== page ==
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Skip to Navigation to Main Content:: In Remembrance: William Thomas Hart

William Thomas Hart, a long-time and well-respected former staff member of the U.S. International Trade Commission (USITC), died on Monday, May 28, 2012, in Washington, DC.

Mr. Hart served the USITC and its predecessor Tariff Commission for more than four decades, most recently as Executive and International Liaison. He was one of the last of a generation that contributed to the birth of an integrated world trading system.

Mr. Hart began his USITC service in 1948 as an international trade analyst in the Office of Industries, but he was soon assigned to the critically important area of tariff negotiations where he made some of his most significant contributions. Mr. Hart advised U.S. trade negotiators in nearly all of the principal rounds of multilateral negotiations under the General Agreement on Tariffs and Trade (GATT), from the earliest rounds to the Uruguay Round, completed in 1994, as well as in bilateral negotiations leading to free trade agreements with Canada, Mexico, and Israel. When each agreement was completed, Mr. Hart and a small number of USITC colleagues undertook the immense task of drafting the tariff schedules for Congress to implement the negotiation results. Under very tight deadlines, he and his dedicated colleagues produced the thousands of pages of documentation required to record the United Statesí international tariff commitments and maintain the nationís tariff schedules.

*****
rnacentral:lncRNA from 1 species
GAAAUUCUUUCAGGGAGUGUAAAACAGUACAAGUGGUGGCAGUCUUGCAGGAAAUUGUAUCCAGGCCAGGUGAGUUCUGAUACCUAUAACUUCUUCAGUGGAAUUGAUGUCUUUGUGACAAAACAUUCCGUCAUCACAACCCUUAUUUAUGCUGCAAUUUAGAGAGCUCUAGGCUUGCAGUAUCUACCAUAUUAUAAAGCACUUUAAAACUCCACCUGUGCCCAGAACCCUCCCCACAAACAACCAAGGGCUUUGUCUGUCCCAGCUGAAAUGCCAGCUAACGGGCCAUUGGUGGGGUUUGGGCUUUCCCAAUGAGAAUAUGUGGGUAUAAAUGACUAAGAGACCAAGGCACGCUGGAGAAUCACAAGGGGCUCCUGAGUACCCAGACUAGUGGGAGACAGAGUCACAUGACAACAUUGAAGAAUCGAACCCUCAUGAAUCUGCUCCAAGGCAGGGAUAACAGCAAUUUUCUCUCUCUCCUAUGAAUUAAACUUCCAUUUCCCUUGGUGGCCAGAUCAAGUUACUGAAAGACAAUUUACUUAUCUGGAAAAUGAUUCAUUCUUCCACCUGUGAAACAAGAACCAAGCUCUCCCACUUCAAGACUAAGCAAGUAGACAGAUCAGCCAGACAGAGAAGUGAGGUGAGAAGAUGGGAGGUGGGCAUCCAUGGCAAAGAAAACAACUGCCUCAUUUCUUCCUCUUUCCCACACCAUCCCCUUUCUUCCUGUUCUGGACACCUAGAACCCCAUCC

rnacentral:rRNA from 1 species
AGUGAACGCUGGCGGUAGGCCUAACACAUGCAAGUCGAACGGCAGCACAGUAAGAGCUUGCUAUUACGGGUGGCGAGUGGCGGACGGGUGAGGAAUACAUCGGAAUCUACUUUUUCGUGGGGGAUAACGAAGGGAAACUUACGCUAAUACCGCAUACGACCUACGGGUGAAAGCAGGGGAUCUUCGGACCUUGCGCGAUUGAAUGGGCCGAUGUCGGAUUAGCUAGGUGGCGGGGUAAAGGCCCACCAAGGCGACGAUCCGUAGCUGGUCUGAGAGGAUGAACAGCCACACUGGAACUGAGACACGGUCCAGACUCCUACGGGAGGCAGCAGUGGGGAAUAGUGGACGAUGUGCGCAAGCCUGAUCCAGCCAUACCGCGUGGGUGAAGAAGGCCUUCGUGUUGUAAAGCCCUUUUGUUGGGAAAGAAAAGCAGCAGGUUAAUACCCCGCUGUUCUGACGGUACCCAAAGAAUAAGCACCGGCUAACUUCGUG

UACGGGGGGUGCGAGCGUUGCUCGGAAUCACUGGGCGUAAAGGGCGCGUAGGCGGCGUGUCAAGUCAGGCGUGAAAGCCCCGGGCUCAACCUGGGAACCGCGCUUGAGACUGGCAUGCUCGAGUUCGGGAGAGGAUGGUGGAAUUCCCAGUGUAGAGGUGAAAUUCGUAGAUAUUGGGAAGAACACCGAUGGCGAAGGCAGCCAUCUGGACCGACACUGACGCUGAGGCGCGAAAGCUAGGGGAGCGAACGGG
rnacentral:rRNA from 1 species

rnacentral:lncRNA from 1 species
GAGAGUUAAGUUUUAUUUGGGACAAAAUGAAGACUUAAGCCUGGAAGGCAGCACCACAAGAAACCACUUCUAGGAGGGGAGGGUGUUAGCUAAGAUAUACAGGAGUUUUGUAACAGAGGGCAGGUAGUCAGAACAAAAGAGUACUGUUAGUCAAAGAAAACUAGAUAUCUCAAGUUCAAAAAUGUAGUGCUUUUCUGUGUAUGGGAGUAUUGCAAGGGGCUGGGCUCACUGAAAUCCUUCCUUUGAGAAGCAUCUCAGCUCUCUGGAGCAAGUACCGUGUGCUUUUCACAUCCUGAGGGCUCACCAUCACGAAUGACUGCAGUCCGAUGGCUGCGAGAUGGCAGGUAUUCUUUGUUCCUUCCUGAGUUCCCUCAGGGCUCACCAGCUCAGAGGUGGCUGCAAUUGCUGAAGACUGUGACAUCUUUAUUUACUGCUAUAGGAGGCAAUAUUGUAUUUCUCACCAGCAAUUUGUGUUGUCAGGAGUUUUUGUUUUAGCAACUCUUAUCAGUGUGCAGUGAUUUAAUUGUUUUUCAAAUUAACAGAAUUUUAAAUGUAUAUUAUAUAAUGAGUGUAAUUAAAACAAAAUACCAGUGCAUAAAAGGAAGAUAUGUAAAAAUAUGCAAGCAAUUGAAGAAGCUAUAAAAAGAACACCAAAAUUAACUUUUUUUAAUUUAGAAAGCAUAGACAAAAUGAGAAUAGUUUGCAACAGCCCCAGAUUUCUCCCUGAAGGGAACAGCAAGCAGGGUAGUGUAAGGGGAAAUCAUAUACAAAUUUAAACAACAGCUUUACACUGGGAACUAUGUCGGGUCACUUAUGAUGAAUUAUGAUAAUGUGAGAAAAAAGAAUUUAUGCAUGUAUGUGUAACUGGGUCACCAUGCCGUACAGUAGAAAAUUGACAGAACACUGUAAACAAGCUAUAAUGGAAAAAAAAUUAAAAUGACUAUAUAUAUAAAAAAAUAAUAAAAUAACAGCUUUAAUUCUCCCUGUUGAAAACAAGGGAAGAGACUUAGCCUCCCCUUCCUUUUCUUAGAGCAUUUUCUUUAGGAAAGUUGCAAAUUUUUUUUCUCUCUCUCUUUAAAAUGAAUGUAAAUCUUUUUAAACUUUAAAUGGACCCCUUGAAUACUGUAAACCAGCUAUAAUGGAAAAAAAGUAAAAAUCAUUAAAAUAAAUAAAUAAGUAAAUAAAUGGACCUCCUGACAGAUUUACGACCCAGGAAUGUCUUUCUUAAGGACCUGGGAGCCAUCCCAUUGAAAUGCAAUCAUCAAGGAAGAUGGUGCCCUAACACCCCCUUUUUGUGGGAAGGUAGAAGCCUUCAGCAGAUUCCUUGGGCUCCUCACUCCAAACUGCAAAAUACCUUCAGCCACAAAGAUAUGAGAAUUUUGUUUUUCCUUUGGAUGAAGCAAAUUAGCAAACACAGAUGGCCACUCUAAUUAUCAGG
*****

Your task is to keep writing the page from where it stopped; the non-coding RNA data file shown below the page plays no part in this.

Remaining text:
Mr. Hartís expertise was sought by high-level U.S. trade officials and global business executives alike, and his achievements were recognized throughout his career. During his career, he was twice awarded the USITCís highest honor, The Commissionersí Award for Exceptional Service, a rare feat. But nowhere were his contributions more eloquently recognized than in a statement inserted into the Congressional Record at the time of his retirement in 1996 by the Honorable Sam Gibbons, the former Chairman of the House Ways and Means Committee's Subcommittee on Trade. We will let Mr. Gibbonsí comments testify to the profound respect and gratitude the trade world felt for Mr. Hart.

Mr. Hartís accomplishments will live on in the future successes of the world trading system he loved and to which he gave the very best he had to contribute. We will remember him fondly, and with pride.